4. 4. Performance Development of HPC Over the Last 20 Years 1E+09 224    PFlop/s   100 Pflop/s 100000000 33.9  PFlop/s   10 Pflop/s 10000000 1 Pflop/s 1000000 SUM   100 Tflop/s 100000 N=1    118  TFlop/s   10 Tflop/s 10000 1 Tflop/s 1000 6-8 years 1.17  TFlop/s   N=500   100 Gflop/s 100 My Laptop (70 Gflop/s) 59.7  GFlop/s   10 Gflop/s 10 My iPad2 & iPhone 4s (1.02 Gflop/s) 1 Gflop/s 1 400  MFlop/s   100 Mflop/s 0.1 1993 1995 1997 1999 2001 2003 2005 2007 2009 2011 2013
  5. 5. State of Supercomputing in 2014 •  Pflops computing fully established with 31 systems. •  Three technology architecture possibilities or “swim lanes” are thriving. •  Commodity (e.g. Intel) •  Commodity + accelerator (e.g. GPUs) •  Special purpose lightweight cores (e.g. IBM BG) •  Interest in supercomputing is now worldwide, and growing in many new markets (over 50% of Top500 computers are in industry). •  Exascale projects exist in many countries and regions. 5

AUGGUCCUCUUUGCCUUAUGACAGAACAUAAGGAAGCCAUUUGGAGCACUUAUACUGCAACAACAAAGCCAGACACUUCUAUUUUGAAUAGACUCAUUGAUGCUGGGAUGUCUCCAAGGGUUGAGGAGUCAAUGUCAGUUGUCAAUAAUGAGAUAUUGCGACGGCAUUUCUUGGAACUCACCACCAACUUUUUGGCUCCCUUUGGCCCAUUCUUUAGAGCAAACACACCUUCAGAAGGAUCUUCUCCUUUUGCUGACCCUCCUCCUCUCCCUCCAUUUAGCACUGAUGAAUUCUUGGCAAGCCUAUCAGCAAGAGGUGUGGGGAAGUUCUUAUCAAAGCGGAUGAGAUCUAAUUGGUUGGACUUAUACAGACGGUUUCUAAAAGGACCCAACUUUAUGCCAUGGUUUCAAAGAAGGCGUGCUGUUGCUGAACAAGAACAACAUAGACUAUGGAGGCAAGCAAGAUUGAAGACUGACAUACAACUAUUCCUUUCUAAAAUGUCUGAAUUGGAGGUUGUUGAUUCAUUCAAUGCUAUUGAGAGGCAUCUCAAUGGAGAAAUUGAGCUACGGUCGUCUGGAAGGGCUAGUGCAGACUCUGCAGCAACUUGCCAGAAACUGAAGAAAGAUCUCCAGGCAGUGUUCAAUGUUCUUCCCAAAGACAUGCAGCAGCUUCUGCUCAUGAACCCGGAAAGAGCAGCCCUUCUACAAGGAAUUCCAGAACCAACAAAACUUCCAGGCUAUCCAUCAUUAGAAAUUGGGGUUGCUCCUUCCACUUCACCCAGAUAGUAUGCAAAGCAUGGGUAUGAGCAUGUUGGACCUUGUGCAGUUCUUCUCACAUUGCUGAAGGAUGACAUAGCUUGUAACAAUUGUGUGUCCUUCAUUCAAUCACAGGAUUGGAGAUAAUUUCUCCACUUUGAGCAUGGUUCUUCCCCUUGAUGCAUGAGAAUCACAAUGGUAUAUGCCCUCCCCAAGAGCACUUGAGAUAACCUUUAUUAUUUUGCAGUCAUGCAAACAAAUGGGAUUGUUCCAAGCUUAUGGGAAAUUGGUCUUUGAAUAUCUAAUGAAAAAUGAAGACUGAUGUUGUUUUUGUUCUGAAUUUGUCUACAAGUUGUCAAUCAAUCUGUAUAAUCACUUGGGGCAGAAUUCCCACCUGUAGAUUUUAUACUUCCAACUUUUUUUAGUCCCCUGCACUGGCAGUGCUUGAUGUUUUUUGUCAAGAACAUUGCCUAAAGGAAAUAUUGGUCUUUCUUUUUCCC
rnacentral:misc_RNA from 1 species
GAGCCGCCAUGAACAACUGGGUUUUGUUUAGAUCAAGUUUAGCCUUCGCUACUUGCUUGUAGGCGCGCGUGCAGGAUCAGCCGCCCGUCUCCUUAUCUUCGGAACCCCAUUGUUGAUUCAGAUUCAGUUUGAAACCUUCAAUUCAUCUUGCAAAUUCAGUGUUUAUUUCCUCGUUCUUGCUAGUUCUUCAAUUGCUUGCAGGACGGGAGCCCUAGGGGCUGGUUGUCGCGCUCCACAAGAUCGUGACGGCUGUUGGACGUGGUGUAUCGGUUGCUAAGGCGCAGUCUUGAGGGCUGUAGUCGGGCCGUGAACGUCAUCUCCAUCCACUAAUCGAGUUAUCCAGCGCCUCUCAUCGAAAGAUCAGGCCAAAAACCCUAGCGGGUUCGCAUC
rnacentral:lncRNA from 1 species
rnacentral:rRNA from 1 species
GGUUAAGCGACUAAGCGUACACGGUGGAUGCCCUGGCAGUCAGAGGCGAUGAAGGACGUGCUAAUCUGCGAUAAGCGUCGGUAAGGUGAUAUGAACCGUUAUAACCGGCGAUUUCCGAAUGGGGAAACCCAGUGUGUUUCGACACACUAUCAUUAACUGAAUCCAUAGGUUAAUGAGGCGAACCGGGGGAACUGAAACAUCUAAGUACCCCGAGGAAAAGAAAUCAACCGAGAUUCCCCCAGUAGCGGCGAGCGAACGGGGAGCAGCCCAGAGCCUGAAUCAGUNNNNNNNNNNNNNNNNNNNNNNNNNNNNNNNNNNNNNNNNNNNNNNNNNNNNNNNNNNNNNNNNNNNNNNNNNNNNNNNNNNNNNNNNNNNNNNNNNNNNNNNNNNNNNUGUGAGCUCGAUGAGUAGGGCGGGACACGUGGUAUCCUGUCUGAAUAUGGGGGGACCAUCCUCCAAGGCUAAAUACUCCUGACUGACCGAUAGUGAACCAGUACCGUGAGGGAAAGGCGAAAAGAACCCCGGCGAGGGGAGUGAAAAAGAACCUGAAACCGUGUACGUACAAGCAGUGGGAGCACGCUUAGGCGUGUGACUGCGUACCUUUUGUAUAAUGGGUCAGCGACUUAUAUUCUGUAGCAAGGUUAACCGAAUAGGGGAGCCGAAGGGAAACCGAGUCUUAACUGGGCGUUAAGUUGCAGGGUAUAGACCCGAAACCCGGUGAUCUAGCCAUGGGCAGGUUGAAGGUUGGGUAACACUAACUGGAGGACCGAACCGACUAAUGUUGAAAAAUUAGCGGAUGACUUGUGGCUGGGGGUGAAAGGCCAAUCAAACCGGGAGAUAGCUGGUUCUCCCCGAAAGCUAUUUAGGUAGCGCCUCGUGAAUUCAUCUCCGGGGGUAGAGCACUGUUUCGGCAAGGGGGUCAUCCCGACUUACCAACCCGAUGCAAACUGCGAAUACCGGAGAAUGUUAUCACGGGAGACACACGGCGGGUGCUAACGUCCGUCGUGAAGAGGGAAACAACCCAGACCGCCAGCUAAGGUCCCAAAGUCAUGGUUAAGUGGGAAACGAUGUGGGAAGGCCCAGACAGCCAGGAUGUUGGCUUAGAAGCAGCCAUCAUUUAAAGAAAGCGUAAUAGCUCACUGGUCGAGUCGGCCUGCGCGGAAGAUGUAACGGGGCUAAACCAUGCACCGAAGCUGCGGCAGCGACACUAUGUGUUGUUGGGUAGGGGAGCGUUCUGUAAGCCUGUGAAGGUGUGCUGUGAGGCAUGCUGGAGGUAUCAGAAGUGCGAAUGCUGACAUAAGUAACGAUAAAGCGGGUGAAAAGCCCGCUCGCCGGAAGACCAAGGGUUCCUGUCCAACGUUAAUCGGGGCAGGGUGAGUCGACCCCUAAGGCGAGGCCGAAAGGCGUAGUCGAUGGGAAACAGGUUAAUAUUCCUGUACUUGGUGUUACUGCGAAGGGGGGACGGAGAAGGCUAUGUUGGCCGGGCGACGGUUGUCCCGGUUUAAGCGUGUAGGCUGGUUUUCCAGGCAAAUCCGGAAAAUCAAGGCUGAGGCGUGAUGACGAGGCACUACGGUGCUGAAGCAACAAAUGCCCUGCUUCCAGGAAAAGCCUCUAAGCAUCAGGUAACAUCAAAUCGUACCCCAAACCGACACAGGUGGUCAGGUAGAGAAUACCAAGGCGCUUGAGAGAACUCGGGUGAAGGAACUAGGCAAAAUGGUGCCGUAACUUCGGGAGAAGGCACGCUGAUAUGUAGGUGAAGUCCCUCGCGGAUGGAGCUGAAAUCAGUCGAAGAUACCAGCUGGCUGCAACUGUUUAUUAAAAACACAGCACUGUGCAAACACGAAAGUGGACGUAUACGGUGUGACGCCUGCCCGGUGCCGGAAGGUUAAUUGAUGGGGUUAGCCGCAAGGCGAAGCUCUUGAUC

6. 6. November 2013: The TOP10 Country Cores Rmax [Pflops] % of Peak China 3,120,000 33.9 62 17.8 1905 USA 560,640 17.6 65 8.3 2120 Sequoia, BlueGene/Q (16c) + custom USA 1,572,864 17.2 85 7.9 2063 RIKEN Advanced Inst for Comp Sci K computer Fujitsu SPARC64 VIIIfx (8c) + Custom Japan 705,024 10.5 93 12.7 827 5 DOE / OS Argonne Nat Lab Mira, BlueGene/Q (16c) + Custom USA 786,432 8.16 85 3.95 2066 6 Swiss CSCS Piz Daint, Cray XC30, Xeon 8C + Nvidia Kepler (14c) + Custom Swiss 115,984 6.27 81 2.3 2726 7 Texas Advanced Computing Center Stampede, Dell Intel (8c) + Intel Xeon Phi (61c) + IB USA 204,900 2.66 61 3.3 806 8 Forschungszentrum Juelich (FZJ) JuQUEEN, BlueGene/Q, Power BQC 16C 1.6GHz+Custom Germany 458,752 5.01 85 2.30 2178 USA 393,216 4.29 85 1.97 2177 Germany 147,456 2.90 91* 3.42 848 22,212 .118 50 Rank Site Computer National University of Defense Technology DOE / OS Oak Ridge Nat Lab Tianhe-2 NUDT, Xeon 12C 2.2GHz + IntelXeon Phi (57c) + Custom Titan, Cray XK7 (16C) + Nvidia Kepler GPU (14c) + Custom 3 DOE / NNSA L Livermore Nat Lab 4 1 2 9 10 500 DOE / NNSA Vulcan, BlueGene/Q, L Livermore Nat Lab Power BQC 16C 1.6GHz+Custom Leibniz Rechenzentrum Banking SuperMUC, Intel (8c) + IB HP USA Power MFlops [MW] /Watt